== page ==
The poet, Charlotte Elliott (1789-1871), became an “invalid” in her early thirties, but what later flowed from her heart and pen was mighty and was used by God.
You see, Miss Elliott as she was known, was carefree, a popular artist and a writer of humorous verse. She was both beautiful and talented. Everyone loved to hear her sing. Being energetic and coming from a well to do home, Charlotte Elliott was part of the scene. She was in demand. Today, we would call her a rock star. But as it was, Charlotte Elliott was the center of attention in her world and she loved it.
Then disaster struck…
In her early thirties, Charlotte Elliott went from being an artistic carefree spirit to a woman who was in constant pain. . . A severe illness had left her a permanent invalid, and it was said afterwards that “Ill health always beset her.” Besides the general trying influence on the spirit, her sickness often caused the peculiar pain of depression, the pain of a seemingly useless life. You can imagine, that her debilitating condition must have been especially galling considering that the large circle round her was full of unresting motion, which they were using for serviceableness for God. Such was the time of trial for Charlotte Elliott; the year was 1834, and she was now 45 years old and living in Westfield Lodge, Brighton.
But as God often does, God came to Charlotte Elliott, and called her back to him…
Miss Elliott’s father had become a godly man and a silk merchant, at whose house the servants of Christ were often entertained. Her brother, the Rev. H.V. Elliott, had not long before conceived the plan of St. Mary’s Hall at Brighton, a school designed to give at nominal cost, a high education to the daughters of clergymen; a noble work which is to this day carried on with admirable ability and large success. So it was at this point, that in aid to St. Mary’s Hall there was to be held a bazaar and afterwards a dinner party.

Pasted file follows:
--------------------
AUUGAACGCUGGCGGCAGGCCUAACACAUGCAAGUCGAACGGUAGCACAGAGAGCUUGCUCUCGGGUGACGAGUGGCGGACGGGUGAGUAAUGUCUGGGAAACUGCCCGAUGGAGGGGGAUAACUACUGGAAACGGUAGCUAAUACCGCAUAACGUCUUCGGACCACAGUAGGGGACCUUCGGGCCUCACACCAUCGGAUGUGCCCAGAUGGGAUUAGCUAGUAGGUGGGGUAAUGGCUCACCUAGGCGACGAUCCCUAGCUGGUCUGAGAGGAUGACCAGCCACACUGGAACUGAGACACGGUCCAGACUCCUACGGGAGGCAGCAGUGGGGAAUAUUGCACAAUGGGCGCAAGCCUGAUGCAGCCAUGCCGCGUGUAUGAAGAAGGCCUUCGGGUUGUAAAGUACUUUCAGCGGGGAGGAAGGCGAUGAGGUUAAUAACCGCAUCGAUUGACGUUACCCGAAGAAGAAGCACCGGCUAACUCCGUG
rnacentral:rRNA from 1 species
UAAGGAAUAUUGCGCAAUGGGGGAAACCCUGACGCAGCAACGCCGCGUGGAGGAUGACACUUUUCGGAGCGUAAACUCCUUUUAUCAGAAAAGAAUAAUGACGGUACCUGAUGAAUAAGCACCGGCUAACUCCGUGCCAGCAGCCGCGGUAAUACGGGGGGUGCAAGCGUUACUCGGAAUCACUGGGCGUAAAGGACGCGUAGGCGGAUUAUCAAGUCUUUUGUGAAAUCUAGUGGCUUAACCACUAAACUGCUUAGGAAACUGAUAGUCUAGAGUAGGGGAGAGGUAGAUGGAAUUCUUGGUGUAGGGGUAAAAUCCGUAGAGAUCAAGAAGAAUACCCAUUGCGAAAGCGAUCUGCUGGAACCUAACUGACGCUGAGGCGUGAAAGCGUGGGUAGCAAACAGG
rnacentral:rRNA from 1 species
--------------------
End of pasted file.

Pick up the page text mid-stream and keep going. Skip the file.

As part of the party, Charlotte Elliott was to sing…
Westfield Lodge was all astir; every member of the large circle was occupied morning and night in preparation with the one exception of the ailing Charlotte — as full of eager interest as any of them, but physically fit for nothing. The night before the bazaar and the dinner party, she was kept wakeful by distressing thoughts of her apparent uselessness; and questioned the reality of anything spiritual and wondered whether it was anything better after all than an illusion of the emotions, an illusion ready to be sorrowfully dispelled.
During the dinner party, Charlotte sang her piece. It was a pretty piece, gay and witty but it was said to be a bit worldly. As the gathering sat conversing and winding down, an elderly man, who was unknown to Charlotte (but who was none other than the great preacher and evangelist, Dr. Cesar Malan, of Geneva), approached her and asked if she knew herself to be really a Christian. She told him that she considered him rude and unkind, and that she also resented the question thus so pointedly put, and also petulantly answered that religion was a matter that she did not wish to discuss at all that evening.
Dr. Malan replied in his usual kind manner, that he would not pursue a subject which so displeased her, but would pray that she might give her heart to Christ, and employ her great talents with which He had gifted her to his holy and spiritual use.